Drivers stranded by flood water in north suburbs, clean-up continues

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Residents in flood-prone areas found themselves underwater yet again after the latest bout of severe storms. (WLS)

Residents in flood-prone areas found themselves underwater yet again after the latest bout of severe storms.

Tuesday was another day of clean-up for residents in the north and northwest suburbs. Torrential rains left some intersections underwater, forcing major detours.

High flood water turned streets into rivers in Des Plaines and made U.S. 41 in the Knollwood and Lake Bluff area nearly impossible to navigate.

Drivers stranded by flooding near U.S. 41 and Route 176 had to wait it out in their cars overnight. Some people who tried to leave their vehicles had to be rescued.

Martin Jimenez is one of many who got caught on U.S. 41. He managed to get his car to a gas station where he has been stuck since Monday night.

"It started pouring cats and dogs you couldn't even see where you were going," Jimenez said. "A lot of cars, they got stuck."

Ruben Sereno has an insulation business along the flooded road called Ruben Spray Insulation. He couldn't physically get to his office or his trucks on Tuesday, and anticipates a lot of damage.

Underpasses were still flooded Tuesday afternoon. Almost 10 feet of water has pooled there. Side streets in the area were also flooded. There was even water up to some homes.

After driving through the high water, Arturo Martinez's minivan broke down on Monday.

"I called the mechanic," Martinez said as he waited for help to arrive. "He's coming... He can fix it."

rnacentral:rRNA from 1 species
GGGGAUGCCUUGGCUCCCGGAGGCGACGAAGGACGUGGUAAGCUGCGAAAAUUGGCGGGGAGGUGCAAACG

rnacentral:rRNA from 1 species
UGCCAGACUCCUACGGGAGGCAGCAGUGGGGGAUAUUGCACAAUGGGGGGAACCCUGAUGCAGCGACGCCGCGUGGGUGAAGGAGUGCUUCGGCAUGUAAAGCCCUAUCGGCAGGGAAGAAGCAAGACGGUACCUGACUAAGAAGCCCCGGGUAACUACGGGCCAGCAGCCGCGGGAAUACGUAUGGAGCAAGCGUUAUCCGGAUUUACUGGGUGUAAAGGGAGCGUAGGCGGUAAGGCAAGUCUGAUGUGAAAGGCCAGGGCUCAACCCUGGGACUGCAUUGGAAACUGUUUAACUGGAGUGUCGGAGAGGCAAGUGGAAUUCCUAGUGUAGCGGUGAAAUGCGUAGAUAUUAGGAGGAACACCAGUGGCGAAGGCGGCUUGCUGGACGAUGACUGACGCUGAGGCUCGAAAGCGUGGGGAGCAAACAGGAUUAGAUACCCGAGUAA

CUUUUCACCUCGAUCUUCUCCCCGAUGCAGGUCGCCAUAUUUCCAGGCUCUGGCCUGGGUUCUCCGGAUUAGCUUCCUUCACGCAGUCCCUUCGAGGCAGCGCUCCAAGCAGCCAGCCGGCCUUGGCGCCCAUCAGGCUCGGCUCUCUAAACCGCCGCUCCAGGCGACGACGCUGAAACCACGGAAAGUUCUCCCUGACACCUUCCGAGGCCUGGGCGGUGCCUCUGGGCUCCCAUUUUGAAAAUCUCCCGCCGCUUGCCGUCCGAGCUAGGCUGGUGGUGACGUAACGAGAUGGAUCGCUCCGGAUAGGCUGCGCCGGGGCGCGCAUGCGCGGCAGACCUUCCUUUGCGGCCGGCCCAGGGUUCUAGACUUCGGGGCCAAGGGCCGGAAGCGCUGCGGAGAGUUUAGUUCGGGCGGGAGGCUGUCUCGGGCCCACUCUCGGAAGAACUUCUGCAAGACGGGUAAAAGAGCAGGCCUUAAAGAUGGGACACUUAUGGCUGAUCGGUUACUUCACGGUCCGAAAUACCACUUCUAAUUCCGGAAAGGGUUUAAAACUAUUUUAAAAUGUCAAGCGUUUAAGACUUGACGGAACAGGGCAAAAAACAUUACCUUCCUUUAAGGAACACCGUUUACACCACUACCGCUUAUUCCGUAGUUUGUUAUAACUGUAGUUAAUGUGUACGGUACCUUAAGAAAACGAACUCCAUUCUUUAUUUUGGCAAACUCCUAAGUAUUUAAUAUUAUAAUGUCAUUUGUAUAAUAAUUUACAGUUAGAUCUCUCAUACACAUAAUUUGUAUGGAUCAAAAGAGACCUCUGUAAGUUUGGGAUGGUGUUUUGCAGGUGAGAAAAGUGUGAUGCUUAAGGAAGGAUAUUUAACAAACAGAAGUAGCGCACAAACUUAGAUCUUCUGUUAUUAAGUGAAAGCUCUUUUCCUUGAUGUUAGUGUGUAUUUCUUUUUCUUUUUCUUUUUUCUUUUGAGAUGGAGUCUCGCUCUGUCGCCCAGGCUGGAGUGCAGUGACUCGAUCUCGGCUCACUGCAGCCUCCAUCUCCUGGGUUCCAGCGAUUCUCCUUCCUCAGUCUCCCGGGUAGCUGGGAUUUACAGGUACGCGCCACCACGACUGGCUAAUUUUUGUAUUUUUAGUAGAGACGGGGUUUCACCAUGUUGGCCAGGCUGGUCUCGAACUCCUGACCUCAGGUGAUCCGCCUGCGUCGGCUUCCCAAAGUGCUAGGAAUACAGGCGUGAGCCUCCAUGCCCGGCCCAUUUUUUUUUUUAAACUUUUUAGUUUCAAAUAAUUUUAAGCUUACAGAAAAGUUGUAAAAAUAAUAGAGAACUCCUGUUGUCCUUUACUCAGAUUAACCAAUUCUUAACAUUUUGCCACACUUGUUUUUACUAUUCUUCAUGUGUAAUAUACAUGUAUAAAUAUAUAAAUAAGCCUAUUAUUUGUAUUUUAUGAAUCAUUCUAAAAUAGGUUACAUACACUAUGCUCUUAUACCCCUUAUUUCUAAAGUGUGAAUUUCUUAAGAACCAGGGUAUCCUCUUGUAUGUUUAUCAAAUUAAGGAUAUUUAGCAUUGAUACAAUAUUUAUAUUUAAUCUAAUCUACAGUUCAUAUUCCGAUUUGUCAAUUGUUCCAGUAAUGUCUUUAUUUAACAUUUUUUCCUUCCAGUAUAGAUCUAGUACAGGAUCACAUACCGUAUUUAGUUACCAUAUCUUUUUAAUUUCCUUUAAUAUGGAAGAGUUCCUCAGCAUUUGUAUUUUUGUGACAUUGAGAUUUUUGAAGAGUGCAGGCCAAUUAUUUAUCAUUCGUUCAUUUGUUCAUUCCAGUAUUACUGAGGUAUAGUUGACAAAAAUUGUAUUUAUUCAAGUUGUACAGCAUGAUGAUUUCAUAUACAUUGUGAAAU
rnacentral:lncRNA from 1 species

In a number of subdivisions around Des Plaines, frustrated residents said flooding is a common sight following heavy rainfall.

Campground Road between Miner Street and Algonquin Road has been closed since Monday. But the real pain in the northwest suburb is for folks who deal with flooding at home.

In one neighborhood near the intersection of Rand Road and Des Plaines River Road, homeowners have permanently installed PVC pipes running from their basements to the outside where hoses spew water pumped from indoors.

Des Plaines resident Laurie Barretto has given up on storing anything in her basement. She even had tables welded to the ground to elevate her furnace and hot water heater. Up to 18 inches of water can collect downstairs and her house floods far more often than she'd like.

"When I moved here it wasn't a flood plain. That was seventeen years ago," Baretto said. "Then it became a 100-year flood plain and supposedly a 25-year plain. I'd really call it an 18-month flood plain."

When asked why she and her neighbors don't move, Barretto said it's because they can't. Houses in this area won't sell.

While some suburbs dealt with flooding from the storm, firefighters responded to a lightning strike in Addison. One family was able to get out safely after smoke from a lightning strike filled their home.

Related Topics:
weatherfloodingflash floodingrainstormcommutingLake BluffDes PlainesKnollwood
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